Evidence-Based Health Care and Complementary and Alternative Medicine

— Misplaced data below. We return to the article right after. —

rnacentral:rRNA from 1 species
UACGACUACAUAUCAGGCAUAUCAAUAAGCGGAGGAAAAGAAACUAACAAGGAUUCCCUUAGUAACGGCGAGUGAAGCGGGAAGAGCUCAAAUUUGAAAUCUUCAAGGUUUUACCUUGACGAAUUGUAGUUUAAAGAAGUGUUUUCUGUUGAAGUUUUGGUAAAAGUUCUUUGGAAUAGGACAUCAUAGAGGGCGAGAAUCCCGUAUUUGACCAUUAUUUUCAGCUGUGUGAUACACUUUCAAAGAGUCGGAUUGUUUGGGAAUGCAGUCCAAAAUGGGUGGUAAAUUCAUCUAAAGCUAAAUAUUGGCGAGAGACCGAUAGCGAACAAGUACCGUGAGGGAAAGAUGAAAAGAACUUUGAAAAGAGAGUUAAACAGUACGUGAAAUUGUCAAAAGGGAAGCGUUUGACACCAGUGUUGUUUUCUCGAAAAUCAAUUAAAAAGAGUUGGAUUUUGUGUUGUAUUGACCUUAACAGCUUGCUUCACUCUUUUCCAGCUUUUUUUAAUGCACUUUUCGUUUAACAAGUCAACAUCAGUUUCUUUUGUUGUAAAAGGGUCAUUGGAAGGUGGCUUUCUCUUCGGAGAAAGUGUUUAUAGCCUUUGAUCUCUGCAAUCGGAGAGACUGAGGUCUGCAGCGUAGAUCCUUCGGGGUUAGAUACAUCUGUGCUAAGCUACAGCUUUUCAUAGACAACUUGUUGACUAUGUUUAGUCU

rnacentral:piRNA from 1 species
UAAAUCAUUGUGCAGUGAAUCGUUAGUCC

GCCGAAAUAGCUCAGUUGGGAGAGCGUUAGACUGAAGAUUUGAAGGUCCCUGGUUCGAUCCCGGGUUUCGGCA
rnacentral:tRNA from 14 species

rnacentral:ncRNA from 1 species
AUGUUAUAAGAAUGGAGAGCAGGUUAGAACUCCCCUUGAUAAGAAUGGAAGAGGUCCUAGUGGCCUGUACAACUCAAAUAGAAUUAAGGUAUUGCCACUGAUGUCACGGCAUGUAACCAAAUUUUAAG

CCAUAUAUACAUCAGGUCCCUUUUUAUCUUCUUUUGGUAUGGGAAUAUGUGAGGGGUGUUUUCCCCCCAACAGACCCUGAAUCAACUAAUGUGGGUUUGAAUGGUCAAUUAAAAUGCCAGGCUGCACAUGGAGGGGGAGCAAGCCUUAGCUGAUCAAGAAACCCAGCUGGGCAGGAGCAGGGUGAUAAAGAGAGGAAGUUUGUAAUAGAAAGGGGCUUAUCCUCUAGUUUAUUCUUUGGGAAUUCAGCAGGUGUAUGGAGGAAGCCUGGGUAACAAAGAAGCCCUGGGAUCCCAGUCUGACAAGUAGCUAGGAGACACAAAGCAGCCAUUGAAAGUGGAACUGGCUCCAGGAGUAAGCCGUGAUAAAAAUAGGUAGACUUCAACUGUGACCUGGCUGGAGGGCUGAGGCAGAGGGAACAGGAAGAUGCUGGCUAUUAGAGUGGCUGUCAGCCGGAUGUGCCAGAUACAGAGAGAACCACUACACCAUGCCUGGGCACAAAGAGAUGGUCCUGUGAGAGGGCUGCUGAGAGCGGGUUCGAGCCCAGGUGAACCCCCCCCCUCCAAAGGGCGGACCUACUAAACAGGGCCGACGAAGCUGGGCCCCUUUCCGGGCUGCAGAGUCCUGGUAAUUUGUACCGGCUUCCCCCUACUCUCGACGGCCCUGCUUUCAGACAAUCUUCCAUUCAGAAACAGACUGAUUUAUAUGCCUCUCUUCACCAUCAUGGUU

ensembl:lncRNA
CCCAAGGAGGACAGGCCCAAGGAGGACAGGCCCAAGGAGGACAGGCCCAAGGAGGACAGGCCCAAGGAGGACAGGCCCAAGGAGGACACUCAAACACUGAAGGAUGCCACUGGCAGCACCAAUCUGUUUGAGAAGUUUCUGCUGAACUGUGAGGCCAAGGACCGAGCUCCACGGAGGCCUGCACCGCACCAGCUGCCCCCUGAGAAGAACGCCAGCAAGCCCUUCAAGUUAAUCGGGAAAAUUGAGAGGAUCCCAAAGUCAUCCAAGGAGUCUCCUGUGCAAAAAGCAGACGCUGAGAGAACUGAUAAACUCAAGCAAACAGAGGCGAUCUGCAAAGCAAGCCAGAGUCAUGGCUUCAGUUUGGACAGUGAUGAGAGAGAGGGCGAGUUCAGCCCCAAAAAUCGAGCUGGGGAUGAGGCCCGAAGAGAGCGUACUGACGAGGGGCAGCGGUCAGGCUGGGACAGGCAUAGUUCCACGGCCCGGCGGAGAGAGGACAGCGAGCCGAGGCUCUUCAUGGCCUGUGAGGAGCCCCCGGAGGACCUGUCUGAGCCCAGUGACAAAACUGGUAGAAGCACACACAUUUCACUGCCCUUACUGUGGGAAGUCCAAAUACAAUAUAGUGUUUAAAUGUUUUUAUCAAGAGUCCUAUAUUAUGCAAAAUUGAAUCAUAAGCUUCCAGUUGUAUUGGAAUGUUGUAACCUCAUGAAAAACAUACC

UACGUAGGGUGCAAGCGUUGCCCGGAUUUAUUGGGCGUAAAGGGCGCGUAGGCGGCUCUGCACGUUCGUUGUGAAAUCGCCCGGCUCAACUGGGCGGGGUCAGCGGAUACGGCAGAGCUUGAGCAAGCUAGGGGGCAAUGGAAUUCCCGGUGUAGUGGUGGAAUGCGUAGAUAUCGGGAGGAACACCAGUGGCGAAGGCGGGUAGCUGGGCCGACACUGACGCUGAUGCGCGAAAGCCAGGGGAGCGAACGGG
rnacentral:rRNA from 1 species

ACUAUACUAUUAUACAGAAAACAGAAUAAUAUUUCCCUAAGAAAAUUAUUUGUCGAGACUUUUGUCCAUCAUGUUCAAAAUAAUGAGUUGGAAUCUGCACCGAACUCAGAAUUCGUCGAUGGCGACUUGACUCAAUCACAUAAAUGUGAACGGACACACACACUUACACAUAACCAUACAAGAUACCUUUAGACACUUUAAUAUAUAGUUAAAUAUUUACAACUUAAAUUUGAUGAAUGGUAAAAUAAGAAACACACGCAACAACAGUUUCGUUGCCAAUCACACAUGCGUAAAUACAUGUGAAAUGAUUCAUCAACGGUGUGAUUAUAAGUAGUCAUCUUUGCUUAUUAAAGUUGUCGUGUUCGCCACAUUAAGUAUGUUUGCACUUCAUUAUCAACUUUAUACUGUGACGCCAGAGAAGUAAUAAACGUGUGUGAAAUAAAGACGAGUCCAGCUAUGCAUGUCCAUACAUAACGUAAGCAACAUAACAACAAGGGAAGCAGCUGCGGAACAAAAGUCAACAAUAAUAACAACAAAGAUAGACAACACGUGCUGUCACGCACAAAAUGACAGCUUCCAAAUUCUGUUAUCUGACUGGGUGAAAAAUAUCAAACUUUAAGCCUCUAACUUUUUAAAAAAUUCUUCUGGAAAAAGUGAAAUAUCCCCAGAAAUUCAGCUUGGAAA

At the heart of the issue of what constitutes acceptable therapeutic practice is the question of what therapeutic practice should be based on. The ideal propounded by many in the medical profession is that scientific research is the basis of practice; invalid therapies are those that are scientifically untested, a criticism levelled at complementary and alternative medicine (CAM). Moreover, this ideal propounds that a practitioner must be suitably trained at a reputable scientific institution where training is based on the most up-to-date scientific research (Bosk 1986, Rosenthal 1995). Once trained, practitioners should keep up with developments in their field with mechanisms put in place to ensure this occurs. A number of problems arise if this view is held. Much of what medical practitioners do, like CAM, has not been subjected to rigorous scientific scrutiny. The uncertainties of medical practice (Wallis 2009) and research (Henry 2006), variability amongst practitioners (Eddy 1984), and the untested basis of much of medical practice (Smith 1991) have been well documented. Even where there is evidence that is regarded as authoritative by evidence-based medical standards, where interventions have been successfully tested using randomised controlled trials (RCTs), there is still the problem of applying it to ‘the specific circumstances of an individual patient’ (Klein, Day and Redmayne 1996: 92).